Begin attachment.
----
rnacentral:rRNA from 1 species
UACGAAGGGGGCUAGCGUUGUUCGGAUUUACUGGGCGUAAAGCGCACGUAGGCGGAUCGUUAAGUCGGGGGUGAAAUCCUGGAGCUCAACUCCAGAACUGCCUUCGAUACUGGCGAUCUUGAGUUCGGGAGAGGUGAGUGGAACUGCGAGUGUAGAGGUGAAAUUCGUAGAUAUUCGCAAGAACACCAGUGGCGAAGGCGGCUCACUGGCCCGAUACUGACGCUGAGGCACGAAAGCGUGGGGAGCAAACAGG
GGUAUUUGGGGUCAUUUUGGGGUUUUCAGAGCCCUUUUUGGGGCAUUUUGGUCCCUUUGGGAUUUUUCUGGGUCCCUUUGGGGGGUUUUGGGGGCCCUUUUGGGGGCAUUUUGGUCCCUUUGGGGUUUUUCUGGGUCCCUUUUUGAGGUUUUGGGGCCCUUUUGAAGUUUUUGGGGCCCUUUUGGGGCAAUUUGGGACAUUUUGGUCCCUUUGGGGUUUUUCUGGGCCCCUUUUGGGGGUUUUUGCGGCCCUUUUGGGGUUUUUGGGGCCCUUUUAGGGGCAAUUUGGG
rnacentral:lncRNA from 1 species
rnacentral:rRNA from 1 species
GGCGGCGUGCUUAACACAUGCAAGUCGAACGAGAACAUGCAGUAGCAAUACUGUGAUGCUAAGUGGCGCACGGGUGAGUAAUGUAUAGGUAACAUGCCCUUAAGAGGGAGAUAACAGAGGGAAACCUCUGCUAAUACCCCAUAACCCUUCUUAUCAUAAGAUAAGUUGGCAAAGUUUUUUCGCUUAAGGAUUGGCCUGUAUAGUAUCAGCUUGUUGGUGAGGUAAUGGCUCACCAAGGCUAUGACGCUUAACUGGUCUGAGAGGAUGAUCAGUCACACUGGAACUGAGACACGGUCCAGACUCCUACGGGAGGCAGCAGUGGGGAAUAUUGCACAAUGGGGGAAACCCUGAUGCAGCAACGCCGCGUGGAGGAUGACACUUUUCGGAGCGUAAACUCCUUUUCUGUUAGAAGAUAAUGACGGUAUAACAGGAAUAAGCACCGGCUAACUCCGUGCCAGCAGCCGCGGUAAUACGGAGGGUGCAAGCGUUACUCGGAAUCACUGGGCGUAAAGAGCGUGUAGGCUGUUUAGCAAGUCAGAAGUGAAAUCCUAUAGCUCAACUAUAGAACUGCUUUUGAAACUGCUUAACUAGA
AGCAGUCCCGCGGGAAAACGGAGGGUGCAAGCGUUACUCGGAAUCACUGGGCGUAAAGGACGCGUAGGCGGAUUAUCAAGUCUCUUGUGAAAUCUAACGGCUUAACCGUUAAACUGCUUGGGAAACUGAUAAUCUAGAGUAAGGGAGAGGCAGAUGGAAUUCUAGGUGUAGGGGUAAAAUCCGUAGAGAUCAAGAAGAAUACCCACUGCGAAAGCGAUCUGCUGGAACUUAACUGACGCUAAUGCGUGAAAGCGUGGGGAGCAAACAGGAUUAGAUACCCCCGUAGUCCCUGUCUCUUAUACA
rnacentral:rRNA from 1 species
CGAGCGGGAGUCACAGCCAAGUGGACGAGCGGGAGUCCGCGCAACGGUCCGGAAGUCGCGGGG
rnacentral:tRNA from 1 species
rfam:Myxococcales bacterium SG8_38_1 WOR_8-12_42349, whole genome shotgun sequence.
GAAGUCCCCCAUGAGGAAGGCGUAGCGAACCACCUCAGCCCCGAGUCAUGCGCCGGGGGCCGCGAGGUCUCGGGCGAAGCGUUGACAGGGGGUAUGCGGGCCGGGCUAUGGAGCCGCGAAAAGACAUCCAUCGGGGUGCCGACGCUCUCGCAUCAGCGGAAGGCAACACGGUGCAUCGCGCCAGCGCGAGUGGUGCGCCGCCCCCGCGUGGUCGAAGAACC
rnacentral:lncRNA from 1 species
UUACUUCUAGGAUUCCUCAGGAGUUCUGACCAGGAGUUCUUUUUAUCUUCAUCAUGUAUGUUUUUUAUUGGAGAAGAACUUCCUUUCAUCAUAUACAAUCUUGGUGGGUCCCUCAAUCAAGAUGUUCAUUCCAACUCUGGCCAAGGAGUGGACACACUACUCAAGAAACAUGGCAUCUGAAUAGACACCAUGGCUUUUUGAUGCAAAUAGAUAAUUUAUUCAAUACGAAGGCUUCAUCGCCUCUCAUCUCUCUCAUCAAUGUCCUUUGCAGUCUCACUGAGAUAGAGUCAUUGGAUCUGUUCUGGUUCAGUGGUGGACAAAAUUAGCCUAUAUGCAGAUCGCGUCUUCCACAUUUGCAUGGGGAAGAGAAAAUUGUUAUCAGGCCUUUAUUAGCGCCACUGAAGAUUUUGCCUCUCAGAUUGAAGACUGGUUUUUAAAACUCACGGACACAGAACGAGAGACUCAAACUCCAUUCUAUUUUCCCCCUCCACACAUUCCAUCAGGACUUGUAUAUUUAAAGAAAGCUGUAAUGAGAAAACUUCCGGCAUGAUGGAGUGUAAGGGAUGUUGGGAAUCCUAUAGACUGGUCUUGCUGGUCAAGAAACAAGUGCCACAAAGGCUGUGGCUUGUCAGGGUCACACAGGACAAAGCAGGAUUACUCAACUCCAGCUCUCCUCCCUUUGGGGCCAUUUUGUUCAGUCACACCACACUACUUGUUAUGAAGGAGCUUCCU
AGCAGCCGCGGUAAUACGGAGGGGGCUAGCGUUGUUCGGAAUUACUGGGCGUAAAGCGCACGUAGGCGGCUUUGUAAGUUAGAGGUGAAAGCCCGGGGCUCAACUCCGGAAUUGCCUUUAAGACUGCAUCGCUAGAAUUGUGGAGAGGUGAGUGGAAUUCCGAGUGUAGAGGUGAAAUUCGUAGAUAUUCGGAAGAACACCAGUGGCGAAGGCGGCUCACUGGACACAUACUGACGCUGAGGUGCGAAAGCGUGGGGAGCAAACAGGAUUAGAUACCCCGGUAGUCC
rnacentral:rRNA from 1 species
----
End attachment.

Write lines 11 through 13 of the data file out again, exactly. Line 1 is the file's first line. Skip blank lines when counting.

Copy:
rfam:Myxococcales bacterium SG8_38_1 WOR_8-12_42349, whole genome shotgun sequence.
GAAGUCCCCCAUGAGGAAGGCGUAGCGAACCACCUCAGCCCCGAGUCAUGCGCCGGGGGCCGCGAGGUCUCGGGCGAAGCGUUGACAGGGGGUAUGCGGGCCGGGCUAUGGAGCCGCGAAAAGACAUCCAUCGGGGUGCCGACGCUCUCGCAUCAGCGGAAGGCAACACGGUGCAUCGCGCCAGCGCGAGUGGUGCGCCGCCCCCGCGUGGUCGAAGAACC
rnacentral:lncRNA from 1 species